News tagged with "Policy and Social Impact"

 

Monday, December 01, 2014

Mayors from across the Great Lakes region met this fall to discuss a response to this summer’s Lake Erie toxic algae outbreak that shut down the water supply for almost half a million people in Toledo and the surrounding suburbs. Bottled water ran out in stores across the area, and residents fled the city in search of clean water – an option not available to Lake Erie’s diverse and fascinating array of wildlife.

Monday, November 10, 2014

"If the shale-gas revolution succumbs to politics, we have a lot to lose. As a recent report from the University of Michigan notes: “Managed properly, the availability of low-cost shale gas could catalyze a renaissance in U.S. manufacturing, revitalizing the chemical industry and enhancing the global competitiveness of energy-intensive manufacturing sectors such as aluminum, steel, paper, glass and food.”

shale gas report
Wednesday, October 22, 2014

Earlier this week, UN Special Rapporteurs visiting Detroit labeled the city’s nearly 27,000 residential water shutoffs as contrary to basic human rights and disproportionately onerous on the city’s poorest and most vulnerable populations. The Rapporteurs drew these conclusions after a weekend of meetings with city officials and residents. 

Friday, October 03, 2014

VIEW A PROGRAM HERE.

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SEE THE CONFERENCE PAPERS HERE.

Thursday, October 02, 2014

Global trade is, by and large, a good thing. Trade helps optimize the allocation of resources (materials, capital, labor, etc.) at the global scale. Today about one third of the global GDP comes from international trade. The value of traded goods and services today is about 50 times that of 1970, while the global GDP is only about four times that of 1970.

Thursday, September 18, 2014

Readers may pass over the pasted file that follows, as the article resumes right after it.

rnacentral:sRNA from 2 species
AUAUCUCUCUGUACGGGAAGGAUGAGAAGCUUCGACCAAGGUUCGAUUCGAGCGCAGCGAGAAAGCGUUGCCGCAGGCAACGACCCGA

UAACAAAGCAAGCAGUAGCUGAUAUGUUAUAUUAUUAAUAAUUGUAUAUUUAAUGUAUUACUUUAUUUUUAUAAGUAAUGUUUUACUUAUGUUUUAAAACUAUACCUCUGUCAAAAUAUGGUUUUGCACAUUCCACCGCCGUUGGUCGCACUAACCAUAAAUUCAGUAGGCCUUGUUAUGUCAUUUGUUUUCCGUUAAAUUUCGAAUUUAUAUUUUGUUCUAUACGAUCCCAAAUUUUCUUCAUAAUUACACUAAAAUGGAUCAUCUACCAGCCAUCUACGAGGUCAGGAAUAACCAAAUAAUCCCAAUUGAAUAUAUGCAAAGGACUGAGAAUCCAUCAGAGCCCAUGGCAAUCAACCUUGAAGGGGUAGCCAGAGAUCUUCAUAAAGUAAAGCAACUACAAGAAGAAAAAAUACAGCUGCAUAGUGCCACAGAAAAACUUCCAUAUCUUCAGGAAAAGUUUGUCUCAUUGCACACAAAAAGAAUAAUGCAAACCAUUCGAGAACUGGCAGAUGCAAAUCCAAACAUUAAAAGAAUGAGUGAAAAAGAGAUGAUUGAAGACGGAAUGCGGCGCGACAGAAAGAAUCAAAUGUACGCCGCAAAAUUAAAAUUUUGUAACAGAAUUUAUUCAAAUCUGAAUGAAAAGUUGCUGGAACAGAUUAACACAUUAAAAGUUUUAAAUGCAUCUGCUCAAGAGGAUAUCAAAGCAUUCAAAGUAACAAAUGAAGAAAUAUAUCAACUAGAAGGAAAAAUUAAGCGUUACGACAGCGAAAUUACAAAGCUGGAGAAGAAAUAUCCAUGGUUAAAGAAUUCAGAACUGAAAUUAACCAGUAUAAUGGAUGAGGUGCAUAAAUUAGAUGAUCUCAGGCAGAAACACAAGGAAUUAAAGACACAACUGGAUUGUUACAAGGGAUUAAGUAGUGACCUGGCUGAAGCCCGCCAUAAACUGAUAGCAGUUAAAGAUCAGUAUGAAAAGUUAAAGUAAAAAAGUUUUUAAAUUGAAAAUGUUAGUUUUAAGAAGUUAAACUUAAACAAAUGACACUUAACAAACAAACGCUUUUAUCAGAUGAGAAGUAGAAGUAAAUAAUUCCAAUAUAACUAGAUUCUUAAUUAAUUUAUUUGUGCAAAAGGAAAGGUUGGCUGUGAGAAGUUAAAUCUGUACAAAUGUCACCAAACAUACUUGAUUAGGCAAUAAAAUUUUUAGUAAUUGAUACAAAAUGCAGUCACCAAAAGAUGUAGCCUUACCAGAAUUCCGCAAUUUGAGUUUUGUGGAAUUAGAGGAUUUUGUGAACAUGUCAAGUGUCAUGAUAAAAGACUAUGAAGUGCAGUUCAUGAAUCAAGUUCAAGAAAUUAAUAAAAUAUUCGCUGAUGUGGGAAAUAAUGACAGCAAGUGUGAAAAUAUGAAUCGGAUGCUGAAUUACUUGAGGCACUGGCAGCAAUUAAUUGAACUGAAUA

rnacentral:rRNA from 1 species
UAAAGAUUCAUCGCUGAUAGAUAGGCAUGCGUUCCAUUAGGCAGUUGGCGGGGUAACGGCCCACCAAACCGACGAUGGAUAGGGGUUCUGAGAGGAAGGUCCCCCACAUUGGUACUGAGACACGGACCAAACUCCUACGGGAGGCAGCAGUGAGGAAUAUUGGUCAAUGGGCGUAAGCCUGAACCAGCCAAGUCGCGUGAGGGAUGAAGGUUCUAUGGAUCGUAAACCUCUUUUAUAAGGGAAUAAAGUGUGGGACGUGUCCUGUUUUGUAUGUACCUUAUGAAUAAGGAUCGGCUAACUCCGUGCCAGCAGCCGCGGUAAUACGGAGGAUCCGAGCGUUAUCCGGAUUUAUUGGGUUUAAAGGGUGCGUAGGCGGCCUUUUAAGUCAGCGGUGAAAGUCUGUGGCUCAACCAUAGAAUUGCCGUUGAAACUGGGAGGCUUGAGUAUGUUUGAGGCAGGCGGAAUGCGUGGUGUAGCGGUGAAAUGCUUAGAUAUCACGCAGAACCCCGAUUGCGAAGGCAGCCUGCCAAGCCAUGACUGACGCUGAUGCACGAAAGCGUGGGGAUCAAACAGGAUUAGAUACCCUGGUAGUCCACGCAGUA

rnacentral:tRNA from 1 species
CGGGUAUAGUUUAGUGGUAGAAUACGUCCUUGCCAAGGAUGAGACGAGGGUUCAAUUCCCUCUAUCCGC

Is nuclear energy “sustainable”? Certainly it’s not categorized as such in any federal definition of the term. Nuclear power is not ballyhooed in pro-renewable montages of solar panels and wind turbines. The nuclear industry receives none of the tax incentives renewables do. But the argument for nuclear energy as an important part of any large-scale sustainable energy plan is a powerful one, and an urgent one to explore as climate change becomes an ever more pressing reality.

Friday, July 18, 2014

Electricity for rainforest villages in Gabon. Tent fabric that harvests solar energy for nomadic people in Kazakhstan. A modular greenhouse and fish farm in an unused industrial building in Highland Park, Michigan.

These are some of the goals and possibilities a team of 17 researchers will pursue with a new $3 million Third Century Initiative Global Challenges grant from the University of Michigan.

Thursday, June 26, 2014

Renewable Portfolio Standards- the percentage of a given energy portfolio made up of renewable power sources- are a contentious issue in many states. In this blog entry, University of Michigan researcher Jeremiah Johnson describes his new study, which will describe in detail the various costs and benefits of adding more renewables to Michigan’s energy mix.

Wednesday, June 25, 2014

No matter what their income bracket, American consumers all express an equal degree of “personal worry” about the impact of energy use on the environment, according to the newest findings of the University of Michigan Energy Survey. A joint effort of the U-M Energy Institute and Institute for Social Research, the quarterly survey gauges consumer perceptions and beliefs about key energy-related concerns including affordability, reliability and impact on the environment.

Monday, May 19, 2014

The University of Michigan Energy Institute, in conjunction with the Michigan Institute for Teaching and Research in Economics (MITRE), is planning a fall 2014 conference on economics and policy research on energy use in the transportation sector. The conference objective is to bring together scholars at the frontier of transportation and energy economics research with practitioners from industry and government to exchange ideas and research findings. We invite interested researchers to submit papers for presentation at the conference. 

Thursday, March 20, 2014

ANN ARBOR—Consumers, on average, believe home energy bills would have to nearly double before forcing them to make lifestyle changes to save on costs, according to a new University of Michigan survey.

Conducted for the first time last fall, the U-M Energy Survey found that consumers anticipate a proportionally greater rise in home energy bills than in the price of gasoline—30 percent for home energy versus 15 percent for gasoline—over the next five years.

Monday, March 17, 2014

Shale gas is changing the American energy economy at a breakneck pace, and its rapid, widespread domestic utilization is redefining the questions our government must address about energy security, policy and the environment. Shale gas as an energy source poses a huge potential boon to American manufacturers of all stripes, but the relationship between the shale gas boom and U.S manufacturing competitiveness needs clearer understanding.

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